How to Plant Bare Root Fruit

Bare root plants often establish more quickly than container-grown, giving gardens an instant boost of life.

Materials Needed

  • bare root fruit plants
  • garden shovel
  • cane
  • organic mulch
  • watering can or garden hose
  • spade
  • wooden stakes
  • adjustable ties

Step 1: Plant Trees

Tease Out Roots of Fruit Tree Before Planting

Tease Out Roots of Fruit Tree Before Planting

Dig hole for tree and loosen the soil. Water the hole deeply, and set tree in hole with the graft line of the tree about 3 inches above the ground. Spread roots evenly in all directions. Handle roots carefully in this part of the process.

©2011, Dorling Kindersley Limited

2011, Dorling Kindersley Limited

Plant bare root fruit trees and bushes as soon as possible to prevent the roots from drying out. The planting technique differs from planting container-grown plants, because roots are exposed and can be easily damaged. Dig a suitably large hole, and lower the plant in place, using a cane to ensure the mark on the stem is level with the soil surface. Tease out the roots gently, and spread them out evenly inside the planting hole.

Step 2: Backfill Soil

Backfill Soil Around Newly Planted Fruit Tree

Backfill Soil Around Newly Planted Fruit Tree

Fill hole with soil and firm gently with foot. Check that the tree is vertical. Be sure to overfill the hole so the soil is an inch or two above ground level. The soil will compress when watered, and settle to ground level.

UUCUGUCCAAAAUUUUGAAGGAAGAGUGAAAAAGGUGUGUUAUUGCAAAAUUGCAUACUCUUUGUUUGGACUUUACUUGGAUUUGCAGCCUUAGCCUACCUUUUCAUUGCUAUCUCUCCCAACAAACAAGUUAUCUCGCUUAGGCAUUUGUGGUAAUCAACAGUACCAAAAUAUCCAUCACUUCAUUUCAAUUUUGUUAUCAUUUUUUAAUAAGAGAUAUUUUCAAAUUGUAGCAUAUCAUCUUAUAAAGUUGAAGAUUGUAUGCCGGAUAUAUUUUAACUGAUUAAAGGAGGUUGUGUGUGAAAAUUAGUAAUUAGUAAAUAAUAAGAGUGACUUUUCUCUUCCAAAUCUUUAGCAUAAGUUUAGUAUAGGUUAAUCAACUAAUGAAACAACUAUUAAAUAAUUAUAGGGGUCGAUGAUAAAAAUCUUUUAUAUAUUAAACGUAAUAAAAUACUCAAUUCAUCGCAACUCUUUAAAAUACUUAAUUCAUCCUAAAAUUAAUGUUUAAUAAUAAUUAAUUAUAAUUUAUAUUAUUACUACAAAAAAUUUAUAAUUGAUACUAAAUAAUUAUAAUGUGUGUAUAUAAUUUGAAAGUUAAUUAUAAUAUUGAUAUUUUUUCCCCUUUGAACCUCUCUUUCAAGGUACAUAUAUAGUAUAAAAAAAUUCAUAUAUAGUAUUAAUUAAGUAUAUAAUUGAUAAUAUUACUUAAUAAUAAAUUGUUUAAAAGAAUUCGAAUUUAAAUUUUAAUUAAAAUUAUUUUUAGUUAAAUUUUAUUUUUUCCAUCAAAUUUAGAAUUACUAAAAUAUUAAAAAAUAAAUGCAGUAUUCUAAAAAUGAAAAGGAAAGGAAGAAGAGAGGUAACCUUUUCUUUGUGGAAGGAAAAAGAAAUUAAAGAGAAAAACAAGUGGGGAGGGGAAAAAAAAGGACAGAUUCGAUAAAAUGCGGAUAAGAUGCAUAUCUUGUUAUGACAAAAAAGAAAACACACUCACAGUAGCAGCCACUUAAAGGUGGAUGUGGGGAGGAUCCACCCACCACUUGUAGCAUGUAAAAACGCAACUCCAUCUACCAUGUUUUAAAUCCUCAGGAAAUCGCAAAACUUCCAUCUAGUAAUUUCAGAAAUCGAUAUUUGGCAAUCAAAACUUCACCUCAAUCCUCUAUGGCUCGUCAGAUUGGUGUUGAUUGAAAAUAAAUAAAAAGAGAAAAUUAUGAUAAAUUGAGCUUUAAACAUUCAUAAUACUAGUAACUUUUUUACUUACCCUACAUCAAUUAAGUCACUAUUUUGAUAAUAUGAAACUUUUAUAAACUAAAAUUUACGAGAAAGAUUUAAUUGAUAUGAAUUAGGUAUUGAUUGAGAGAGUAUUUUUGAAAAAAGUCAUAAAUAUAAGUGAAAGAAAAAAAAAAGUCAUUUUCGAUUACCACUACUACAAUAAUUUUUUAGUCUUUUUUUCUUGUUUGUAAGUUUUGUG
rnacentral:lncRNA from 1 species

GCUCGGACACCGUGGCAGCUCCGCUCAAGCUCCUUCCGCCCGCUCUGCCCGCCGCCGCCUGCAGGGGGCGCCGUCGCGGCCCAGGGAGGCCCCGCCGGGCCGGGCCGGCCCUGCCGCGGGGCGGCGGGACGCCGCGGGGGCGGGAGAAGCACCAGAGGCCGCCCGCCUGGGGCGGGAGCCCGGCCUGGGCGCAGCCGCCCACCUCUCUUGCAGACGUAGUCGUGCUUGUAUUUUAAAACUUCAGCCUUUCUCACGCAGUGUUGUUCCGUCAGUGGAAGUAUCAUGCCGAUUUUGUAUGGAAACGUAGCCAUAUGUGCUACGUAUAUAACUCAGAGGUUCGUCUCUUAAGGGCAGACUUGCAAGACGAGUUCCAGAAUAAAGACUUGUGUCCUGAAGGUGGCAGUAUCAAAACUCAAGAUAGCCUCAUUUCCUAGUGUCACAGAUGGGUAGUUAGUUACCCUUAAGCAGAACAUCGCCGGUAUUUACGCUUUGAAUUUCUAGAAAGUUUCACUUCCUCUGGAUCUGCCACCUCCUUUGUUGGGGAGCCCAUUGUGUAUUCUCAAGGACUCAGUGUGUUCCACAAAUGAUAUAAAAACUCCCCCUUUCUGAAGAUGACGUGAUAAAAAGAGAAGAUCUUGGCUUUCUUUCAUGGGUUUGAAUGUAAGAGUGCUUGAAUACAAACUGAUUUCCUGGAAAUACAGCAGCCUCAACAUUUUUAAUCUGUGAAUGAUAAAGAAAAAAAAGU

©2011, Dorling Kindersley Limited

2011, Dorling Kindersley Limited

Mix organic matter into the soil, and backfill, working it gently in between the roots. Make sure the plant is planted upright, then water the soil every few spadefuls to ensure there are no air pockets trapped between the roots.

Step 3: Support Stems

Support Young Fruit Trees with Adjustable Ties

Support Young Fruit Trees with Adjustable Ties

Stake the fruit tree, if necessary, especially if the ground is sloping. Tie the tree to the stake with a rubber tie or piece of cloth. The tie should be loose so as not to girdle the tree. Allow plenty of room for the trunk to thicken.

©2011, Dorling Kindersley Limited

2011, Dorling Kindersley Limited

If planting trees or larger shrubs, support the main stems using stakes and adjustable ties that can be loosened as the plant grows. Support smaller shrubs using canes. Remember to check ties regularly for adjustment.

Step 4: Provide Mulch

Mulch Newly Planted Fruit Tree to Retain Moisture

Mulch Newly Planted Fruit Tree to Retain Moisture

Mulch around the base of the fruit tree with clippings and bark chips to help retain moisture. Be sure to keep graft line clear of mulch so it remains above ground. Water thoroughly throughout season.

©2011, Dorling Kindersley Limited

2011, Dorling Kindersley Limited

Once the tree or shrub is planted, and supported if necessary, water it thoroughly to help settle soil around the roots. Mulch around the plant to retain moisture, and water regularly during dry spells until established. 

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